Heart-related problems do not always require surgery. Sometimes they can be addressed with lifestyle changes, medications, or nonsurgical procedures. For example, catheter ablation uses energy to make small scars in your heart tissue to prevent abnormal electrical signals from moving through your heart. Coronary angioplasty is a minimally invasive procedure in which a stent is inserted into a narrowed or blocked coronary artery to hold it open. Nonetheless, surgery is often needed to address problems such as heart failure, plaque buildup that partially or totally blocks blood flow in a coronary artery, faulty heart valves, dilated or diseased major blood vessels (such as the aorta), and abnormal heart rhythms.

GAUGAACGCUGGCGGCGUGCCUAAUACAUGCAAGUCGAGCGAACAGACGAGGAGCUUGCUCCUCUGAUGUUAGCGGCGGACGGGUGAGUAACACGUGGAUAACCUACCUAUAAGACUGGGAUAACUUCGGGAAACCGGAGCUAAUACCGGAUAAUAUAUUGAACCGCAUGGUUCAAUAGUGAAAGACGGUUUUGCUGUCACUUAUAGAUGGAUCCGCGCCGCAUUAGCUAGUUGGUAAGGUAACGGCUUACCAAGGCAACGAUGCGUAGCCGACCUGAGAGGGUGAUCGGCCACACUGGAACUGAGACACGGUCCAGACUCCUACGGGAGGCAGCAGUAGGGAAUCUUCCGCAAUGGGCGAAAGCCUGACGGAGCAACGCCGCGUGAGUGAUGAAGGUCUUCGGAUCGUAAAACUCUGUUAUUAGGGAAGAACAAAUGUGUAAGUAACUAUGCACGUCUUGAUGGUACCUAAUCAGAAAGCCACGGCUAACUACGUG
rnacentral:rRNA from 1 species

There are many types of heart surgery. The National Heart, Lung, and Blood Institute, which is part of the National Institutes of Health, lists the following as among the most common coronary surgical procedures.
In addition to these surgeries, a minimally invasive alternative to open-heart surgery that is becoming more common is transcatheter structural heart surgery. This involves guiding a long, thin, flexible tube called a catheter to your heart through blood vessels that can be accessed from the groin, thigh, abdomen, chest, neck, or collarbone. A small incision is necessary. This type of surgery includes transcatheter aortic valve implantation to replace a faulty aortic valve with a valve made from animal tissue, MitraClip® placement for mitral valve abnormalities, and WATCHMAN® placement for nonvalvular atrial fibrillation patients.